Thursday, November 1, 2012

LGBT community focuses on feeding neighbors while churches waste money on hateful ads

Memphis, TN, November 1, 2012 — In the last week, an anonymous organization claiming the name "Memphis churches of Christ" placed two full-page advertisements in The Commercial Appeal attacking the lesbian, gay, bisexual and transgender community.

Sources tell us that Memphis churches of Christ paid around $15,000 to place these ads in Sunday's and Tuesday’s newspapers. A group by the same name placed similar anti-LGBT ads over the last eight years.

Jonathan Cole of Tennessee Equality Project observed: “The content of the ads is deeply offensive, but I remain a firm believer in the First Amendment right to free speech. While this group is entitled to say what they want, most people reject the divisiveness of the ad’s message because they support inclusion, fairness, decency, equality and diversity in Memphis. It’s hard to watch churches and other religious organizations spending tithes and church offerings on hateful advertising rather than benefiting their church members or assisting those living in poverty in our city.”

The recent ads moved PFLAG mother Lisa Kurtz-Crume to recall these famous words from Mohandas Gandhi: "I like your Christ. I do not like your Christians. They are so unlike your Christ."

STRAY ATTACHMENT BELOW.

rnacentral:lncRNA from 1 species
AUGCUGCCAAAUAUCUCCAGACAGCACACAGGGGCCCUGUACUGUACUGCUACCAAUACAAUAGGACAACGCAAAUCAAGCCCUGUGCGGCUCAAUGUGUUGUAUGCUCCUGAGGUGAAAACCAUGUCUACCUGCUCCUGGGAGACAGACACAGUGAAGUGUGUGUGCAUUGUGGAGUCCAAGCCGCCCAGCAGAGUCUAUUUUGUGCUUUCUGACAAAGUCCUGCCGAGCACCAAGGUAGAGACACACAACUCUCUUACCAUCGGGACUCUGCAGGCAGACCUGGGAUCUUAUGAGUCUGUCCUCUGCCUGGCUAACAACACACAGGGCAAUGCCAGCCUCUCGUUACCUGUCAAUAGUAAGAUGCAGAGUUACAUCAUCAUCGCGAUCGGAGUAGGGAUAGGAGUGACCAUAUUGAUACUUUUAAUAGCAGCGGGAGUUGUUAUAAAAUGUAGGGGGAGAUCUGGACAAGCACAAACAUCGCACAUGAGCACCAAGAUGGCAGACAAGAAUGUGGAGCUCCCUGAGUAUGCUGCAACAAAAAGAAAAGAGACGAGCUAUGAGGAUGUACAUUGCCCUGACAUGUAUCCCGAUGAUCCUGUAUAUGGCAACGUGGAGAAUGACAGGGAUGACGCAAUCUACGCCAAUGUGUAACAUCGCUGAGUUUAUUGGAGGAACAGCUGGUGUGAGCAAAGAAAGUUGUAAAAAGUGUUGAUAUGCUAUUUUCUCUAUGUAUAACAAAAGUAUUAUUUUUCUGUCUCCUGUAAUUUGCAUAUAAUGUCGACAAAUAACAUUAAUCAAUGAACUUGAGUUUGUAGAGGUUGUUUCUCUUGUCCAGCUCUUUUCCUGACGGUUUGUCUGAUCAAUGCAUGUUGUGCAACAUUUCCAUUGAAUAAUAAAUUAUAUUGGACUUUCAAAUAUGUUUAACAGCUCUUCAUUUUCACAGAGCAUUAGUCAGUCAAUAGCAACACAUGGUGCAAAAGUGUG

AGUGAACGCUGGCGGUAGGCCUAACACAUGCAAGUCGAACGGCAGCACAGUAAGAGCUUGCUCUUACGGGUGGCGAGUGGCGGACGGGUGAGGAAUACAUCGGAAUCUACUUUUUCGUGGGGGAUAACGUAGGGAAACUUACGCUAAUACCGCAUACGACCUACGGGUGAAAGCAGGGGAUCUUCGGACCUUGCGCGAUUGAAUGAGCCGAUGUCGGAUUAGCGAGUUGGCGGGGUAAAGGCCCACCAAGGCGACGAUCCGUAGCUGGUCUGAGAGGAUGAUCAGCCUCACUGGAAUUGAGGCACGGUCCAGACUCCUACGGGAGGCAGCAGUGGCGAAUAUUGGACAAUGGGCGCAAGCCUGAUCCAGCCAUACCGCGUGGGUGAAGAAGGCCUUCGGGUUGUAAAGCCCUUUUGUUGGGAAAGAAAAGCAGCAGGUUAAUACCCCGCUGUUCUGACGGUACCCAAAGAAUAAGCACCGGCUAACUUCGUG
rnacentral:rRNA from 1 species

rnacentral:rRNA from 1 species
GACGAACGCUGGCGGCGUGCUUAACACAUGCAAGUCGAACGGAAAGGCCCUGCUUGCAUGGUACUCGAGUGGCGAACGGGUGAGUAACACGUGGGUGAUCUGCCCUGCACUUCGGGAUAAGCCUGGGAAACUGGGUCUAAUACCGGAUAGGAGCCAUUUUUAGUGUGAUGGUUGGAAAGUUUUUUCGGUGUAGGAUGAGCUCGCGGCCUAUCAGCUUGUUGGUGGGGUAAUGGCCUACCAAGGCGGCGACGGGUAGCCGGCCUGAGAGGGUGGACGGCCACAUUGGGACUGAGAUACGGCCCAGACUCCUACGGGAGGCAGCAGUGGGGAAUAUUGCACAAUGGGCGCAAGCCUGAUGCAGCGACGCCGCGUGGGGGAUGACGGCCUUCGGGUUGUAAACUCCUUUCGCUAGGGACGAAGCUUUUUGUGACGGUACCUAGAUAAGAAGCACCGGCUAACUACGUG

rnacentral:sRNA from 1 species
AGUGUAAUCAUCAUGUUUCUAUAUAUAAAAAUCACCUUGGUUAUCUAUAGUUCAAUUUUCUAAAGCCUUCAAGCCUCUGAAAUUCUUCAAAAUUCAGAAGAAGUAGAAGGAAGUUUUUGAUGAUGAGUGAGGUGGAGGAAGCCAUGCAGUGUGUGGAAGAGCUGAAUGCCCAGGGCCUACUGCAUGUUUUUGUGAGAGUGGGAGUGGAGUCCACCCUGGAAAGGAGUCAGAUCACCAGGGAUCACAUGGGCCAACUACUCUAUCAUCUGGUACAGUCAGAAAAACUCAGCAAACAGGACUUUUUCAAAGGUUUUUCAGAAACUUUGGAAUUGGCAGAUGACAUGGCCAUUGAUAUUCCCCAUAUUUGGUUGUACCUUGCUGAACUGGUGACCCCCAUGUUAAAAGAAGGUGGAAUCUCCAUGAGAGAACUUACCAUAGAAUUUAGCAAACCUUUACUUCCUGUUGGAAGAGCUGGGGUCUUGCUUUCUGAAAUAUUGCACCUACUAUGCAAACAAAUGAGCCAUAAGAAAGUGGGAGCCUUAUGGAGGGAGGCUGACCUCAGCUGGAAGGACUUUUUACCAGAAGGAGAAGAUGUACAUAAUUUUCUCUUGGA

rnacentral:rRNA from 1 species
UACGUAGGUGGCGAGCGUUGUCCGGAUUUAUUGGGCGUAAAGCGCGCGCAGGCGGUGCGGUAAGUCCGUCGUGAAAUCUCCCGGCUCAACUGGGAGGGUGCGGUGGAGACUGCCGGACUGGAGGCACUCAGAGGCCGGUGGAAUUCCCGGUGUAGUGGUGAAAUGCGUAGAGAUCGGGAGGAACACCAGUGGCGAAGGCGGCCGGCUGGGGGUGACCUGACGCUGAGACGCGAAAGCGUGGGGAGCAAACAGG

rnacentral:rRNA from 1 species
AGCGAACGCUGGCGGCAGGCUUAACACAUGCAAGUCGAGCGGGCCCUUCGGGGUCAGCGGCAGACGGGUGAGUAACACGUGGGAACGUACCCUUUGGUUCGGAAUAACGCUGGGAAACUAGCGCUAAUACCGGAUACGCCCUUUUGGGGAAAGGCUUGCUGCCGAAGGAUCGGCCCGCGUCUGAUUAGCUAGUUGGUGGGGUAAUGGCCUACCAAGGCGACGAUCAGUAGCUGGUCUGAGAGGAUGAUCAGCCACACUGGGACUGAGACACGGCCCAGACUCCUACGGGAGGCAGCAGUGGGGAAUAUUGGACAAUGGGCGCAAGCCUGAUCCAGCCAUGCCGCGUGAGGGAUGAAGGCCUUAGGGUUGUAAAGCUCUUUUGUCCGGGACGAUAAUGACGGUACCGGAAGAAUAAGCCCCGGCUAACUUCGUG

A coalition of LGBT advocacy groups rejects the example set by this anonymous group."Our organizations have criticized churches who spend money to demean us by suggesting that they focus on caring for the poor and feeding the hungry,” said Will Batts, Executive Director of the Memphis Gay and Lesbian Community Center. “In response to recent attacks on our community, we're putting our money where our mouths are...and the mouths of those who go hungry. We shall meet hatred with love for our friends and neighbors.”

We call on everyone in the community of Memphis to show their love for their neighbors by making a donation of money or food to the Mid-South Food Bank between now and November 9, 2012.

Make a donation online at

Supporters may also give money or the following needed food items at the Mid-South Food Bank at 239 S. Dudley, Memphis, TN  38104, Mon-Thurs: 8 am - 5:00 pm  Friday: 8 am - Noon: canned meats, including tuna, stews, chicken and dumplings, chili, Spam, soups; Peanut butter; Canned fruits; Canned veggies; Canned 100% fruit juice and any non-perishable item (no glass containers).

The Memphis Gay and Lesbian Community Center will also accept the above food items between now and Nov. 9 at 892 South Cooper Street in Midtown. The center is open Monday-Friday from 2-9 pm.
Vanessa Rodley of Mid-South Pride encouraged people to participate in the food drive to support their Memphis neighbors: “Hunger can reach anyone and shows no discrimination. What affects one of us can easily affect all of us.”

Advocacy organizations supporting this food drive include

Memphis Gay and Lesbian Community Center  
Memphis Loves Gays
Mid-South Pride  
Parents, Families and Friends of Lesbians and Gays of Memphis (PFLAG)
Tennessee Equality Project’s Shelby County Committee

Click the above organizations to visit their website.

For more information:
Jonathan Cole - Tennessee Equality Project - 901-301-3306 - 

Will Batts - Memphis Gay and Lesbian Community Center - 901-278-6422 -